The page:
And did you know that Mother Teresa with held pain medication from the dying because she thought brought them closer to God? This is not necessarily someone to emulate.

    When you get pregnant, Dan, we’ll be interested in your opinion. Either you support womens rights or you don’t.

  17. Denny says:
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    I am especially concerned about paying for abortion due to my beliefs about the sanctity of life and that the start and end of a life is something to be left to God. But, I am also opposed to to funding any form of elective procedure by taxes or compulsory premiums, and that includes things like erectile dysfunction medications or elective plastic surgery.

    None of these is generally construed to be a health matter. But, over the years, the pro-choice side of the abortion debate have again and again tried to equate abortion provision with reproductive health. (Yes, I will concede that there may be a rare situation in which pregnancy either exacerbates the effects of disease or treatment of disease, and in some of these cases, in order to save the mother, the fetus must be sacrificed. That is a sad situation, but morally acceptable to me and I think the majority of the public. )

    But, in the vast majority of cases abortion is a choice, not an imperative. An, if a choice, then it is an elective medical procedure, not a “health” matter.

    To equate abortion and health would mean one must presume pregnancy to be a disease. Pretty twisted thinking that is!

    Many have given out examples of immoral uses of tax money that one is compelled to support. I don’t know how to overcome those. I do know how to overcome funding the evil of abortion and that is to keep it a privately funded matter. Lets face it, there are many evils out there that are not illegal, but we do not expect the public to pay for them either.

    By the way, if one checks Mr. Stupak’s record, he was opposed to funding the Iraq war.

  18. Esme Weatherwax says:
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    “Never mind that abortion kills the unborn child and scars the mother for life, legal or not , common or not. Rationalizations never replace reality in the long run.”

    Actually, I am not scarred for life. I was relieved after I had my abortion. My friends who had to give their children up for adoption HAVE been scarred for life, however. Odd how your concern doesn’t extend to them.

    “I just won’t have to fund it. – Seems reasonable to me even though I strongly disagree with abortion.”

    You don’t have to fund it now. What this amendment would do is restrict the consumer choice of Americans who receive subsidies. We do not dictate what foods people can buy, what entertainment they can use, or what clothing they can buy if they receive subsidies. People were aspirating on their own spittle about the government limiting our freedom of choice and restricting the kind of medical care we could get; these same people are happy to embrace this when it comes to women. Since insurance companies will find it too burdensome to figure out who is and isn’t eligible for this coverage, many will simply drop it.

    But okay–let’s not fund things we don’t agree with. In that vein, I don’t think I should have to fund faith-based programs. I find it repugnant that my tax dollars are funding programs run by religions I find bigoted and vile, and faiths I don’t believe in, and that many of those programs are discriminatory. I believe in the separation of church and state, and this flies right in the face of that.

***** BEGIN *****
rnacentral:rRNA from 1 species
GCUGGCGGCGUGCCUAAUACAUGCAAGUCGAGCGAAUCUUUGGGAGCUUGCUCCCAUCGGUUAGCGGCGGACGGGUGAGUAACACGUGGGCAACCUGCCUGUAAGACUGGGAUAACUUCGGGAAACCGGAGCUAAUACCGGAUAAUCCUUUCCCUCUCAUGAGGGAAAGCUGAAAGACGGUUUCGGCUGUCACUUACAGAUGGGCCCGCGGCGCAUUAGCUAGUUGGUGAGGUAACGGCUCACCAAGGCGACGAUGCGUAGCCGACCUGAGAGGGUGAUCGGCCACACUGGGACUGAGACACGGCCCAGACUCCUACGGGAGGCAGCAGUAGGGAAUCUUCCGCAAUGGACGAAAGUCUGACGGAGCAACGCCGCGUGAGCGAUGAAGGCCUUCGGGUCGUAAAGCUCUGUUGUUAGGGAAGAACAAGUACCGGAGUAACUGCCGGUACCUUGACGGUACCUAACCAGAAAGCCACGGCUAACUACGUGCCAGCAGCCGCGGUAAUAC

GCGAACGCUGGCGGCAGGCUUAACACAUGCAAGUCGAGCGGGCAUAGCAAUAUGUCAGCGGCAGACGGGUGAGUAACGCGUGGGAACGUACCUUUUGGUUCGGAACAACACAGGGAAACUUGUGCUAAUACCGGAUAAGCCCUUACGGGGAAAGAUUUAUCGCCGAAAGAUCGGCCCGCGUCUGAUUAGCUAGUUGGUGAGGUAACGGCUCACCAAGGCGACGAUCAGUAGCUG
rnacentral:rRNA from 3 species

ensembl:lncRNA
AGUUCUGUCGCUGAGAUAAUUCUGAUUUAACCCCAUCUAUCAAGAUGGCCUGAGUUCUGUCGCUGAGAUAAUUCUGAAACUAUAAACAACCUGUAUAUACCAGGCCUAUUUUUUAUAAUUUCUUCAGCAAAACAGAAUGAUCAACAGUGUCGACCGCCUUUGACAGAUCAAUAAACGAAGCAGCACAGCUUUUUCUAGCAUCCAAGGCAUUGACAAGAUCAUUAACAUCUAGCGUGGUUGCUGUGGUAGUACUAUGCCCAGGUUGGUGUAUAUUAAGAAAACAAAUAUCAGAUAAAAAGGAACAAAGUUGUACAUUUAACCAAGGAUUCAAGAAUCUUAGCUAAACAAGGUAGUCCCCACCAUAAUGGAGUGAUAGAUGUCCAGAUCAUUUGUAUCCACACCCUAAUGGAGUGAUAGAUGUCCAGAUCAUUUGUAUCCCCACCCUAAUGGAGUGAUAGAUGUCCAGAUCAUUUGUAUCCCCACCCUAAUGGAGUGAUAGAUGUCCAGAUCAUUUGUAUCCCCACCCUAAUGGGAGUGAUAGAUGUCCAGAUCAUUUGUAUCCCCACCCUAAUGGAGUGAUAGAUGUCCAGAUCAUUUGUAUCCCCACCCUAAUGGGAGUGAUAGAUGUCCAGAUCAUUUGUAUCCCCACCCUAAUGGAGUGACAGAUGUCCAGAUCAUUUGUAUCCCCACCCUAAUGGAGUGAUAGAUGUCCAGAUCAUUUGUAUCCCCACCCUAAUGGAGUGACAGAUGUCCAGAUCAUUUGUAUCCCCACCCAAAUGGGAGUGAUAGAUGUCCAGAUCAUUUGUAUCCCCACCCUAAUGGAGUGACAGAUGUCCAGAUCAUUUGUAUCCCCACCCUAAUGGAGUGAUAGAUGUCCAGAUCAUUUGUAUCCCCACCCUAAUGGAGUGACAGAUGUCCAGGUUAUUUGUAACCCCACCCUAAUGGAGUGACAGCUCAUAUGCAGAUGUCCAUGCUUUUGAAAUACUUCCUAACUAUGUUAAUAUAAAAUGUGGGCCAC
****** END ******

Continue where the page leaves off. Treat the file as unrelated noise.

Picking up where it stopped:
19. Devon Glass says:
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    Esme:

    Thank you for sharing a part of your personal life and how this horrible policy decision would affect someone who has had an abortion. I believe a big part of the problem surrounding abortion is that so many people make it feel really taboo, when the reality is it’s one of the most common surgical procedures in the United States. If people stopped trying to make someone feel ashamed for what they choose to do with their body, I believe abortion would lose it’s stigma. However, we are a long ways away from that happening.

    Denny:

    I’m not sure I understand why it makes a difference if the abortion is elective or not. What should it matter the reason behind why a woman wants to end the pregnancy, unless you think it is only okay under certain circumstances. I believe it should be available to a woman when she no longer wants to carry the pregnancy to term. The decision to chose an abortion is a very personal matter and it should not be made more difficult because your religious beliefs think it’s evil. I’m sure a woman who is deciding to go forward with an abortion is facing a difficult choice with you coming in an telling her what she is doing is evil.

    Jeanne:

    Thank you for the support. I appreciate your passion in defending this issue and speaking out clearly on where you stand. I think it would be interesting to hear from Dan when he gets pregnant to see if that changes his opinion, but I won’t hold my breath.

  20. Dan says:
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    Jeane,

    R.e. abortion is about inconvenience….. Don’t get me wrong. I know that having a child is a tremendous amount of work. I know my life changed when my daughters were born. (So was my wife’s life changed.) My statements may sound harsh but I really do feel for the individuals. I just wish I could help them see a child is not the end of their lives.